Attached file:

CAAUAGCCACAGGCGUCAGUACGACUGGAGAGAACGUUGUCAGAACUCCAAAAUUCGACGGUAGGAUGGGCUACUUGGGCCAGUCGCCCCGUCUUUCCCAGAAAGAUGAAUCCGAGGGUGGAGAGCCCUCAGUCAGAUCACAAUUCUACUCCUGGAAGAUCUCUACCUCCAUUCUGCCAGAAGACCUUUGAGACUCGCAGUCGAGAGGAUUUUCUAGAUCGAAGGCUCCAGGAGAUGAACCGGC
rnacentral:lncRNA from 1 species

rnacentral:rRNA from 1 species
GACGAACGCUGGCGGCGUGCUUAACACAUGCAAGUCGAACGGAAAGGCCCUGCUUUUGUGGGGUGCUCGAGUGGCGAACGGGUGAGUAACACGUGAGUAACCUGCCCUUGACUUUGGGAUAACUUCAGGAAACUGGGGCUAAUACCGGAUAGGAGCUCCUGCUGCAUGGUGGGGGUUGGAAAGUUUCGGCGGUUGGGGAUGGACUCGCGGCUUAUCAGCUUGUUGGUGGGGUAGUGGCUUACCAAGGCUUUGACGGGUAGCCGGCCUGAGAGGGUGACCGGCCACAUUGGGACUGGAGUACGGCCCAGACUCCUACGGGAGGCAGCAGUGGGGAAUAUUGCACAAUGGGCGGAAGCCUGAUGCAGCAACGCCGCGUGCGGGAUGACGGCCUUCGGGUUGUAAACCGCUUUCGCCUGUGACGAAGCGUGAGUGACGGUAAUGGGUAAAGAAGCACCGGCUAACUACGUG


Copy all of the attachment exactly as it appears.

CAAUAGCCACAGGCGUCAGUACGACUGGAGAGAACGUUGUCAGAACUCCAAAAUUCGACGGUAGGAUGGGCUACUUGGGCCAGUCGCCCCGUCUUUCCCAGAAAGAUGAAUCCGAGGGUGGAGAGCCCUCAGUCAGAUCACAAUUCUACUCCUGGAAGAUCUCUACCUCCAUUCUGCCAGAAGACCUUUGAGACUCGCAGUCGAGAGGAUUUUCUAGAUCGAAGGCUCCAGGAGAUGAACCGGC
rnacentral:lncRNA from 1 species

rnacentral:rRNA from 1 species
GACGAACGCUGGCGGCGUGCUUAACACAUGCAAGUCGAACGGAAAGGCCCUGCUUUUGUGGGGUGCUCGAGUGGCGAACGGGUGAGUAACACGUGAGUAACCUGCCCUUGACUUUGGGAUAACUUCAGGAAACUGGGGCUAAUACCGGAUAGGAGCUCCUGCUGCAUGGUGGGGGUUGGAAAGUUUCGGCGGUUGGGGAUGGACUCGCGGCUUAUCAGCUUGUUGGUGGGGUAGUGGCUUACCAAGGCUUUGACGGGUAGCCGGCCUGAGAGGGUGACCGGCCACAUUGGGACUGGAGUACGGCCCAGACUCCUACGGGAGGCAGCAGUGGGGAAUAUUGCACAAUGGGCGGAAGCCUGAUGCAGCAACGCCGCGUGCGGGAUGACGGCCUUCGGGUUGUAAACCGCUUUCGCCUGUGACGAAGCGUGAGUGACGGUAAUGGGUAAAGAAGCACCGGCUAACUACGUG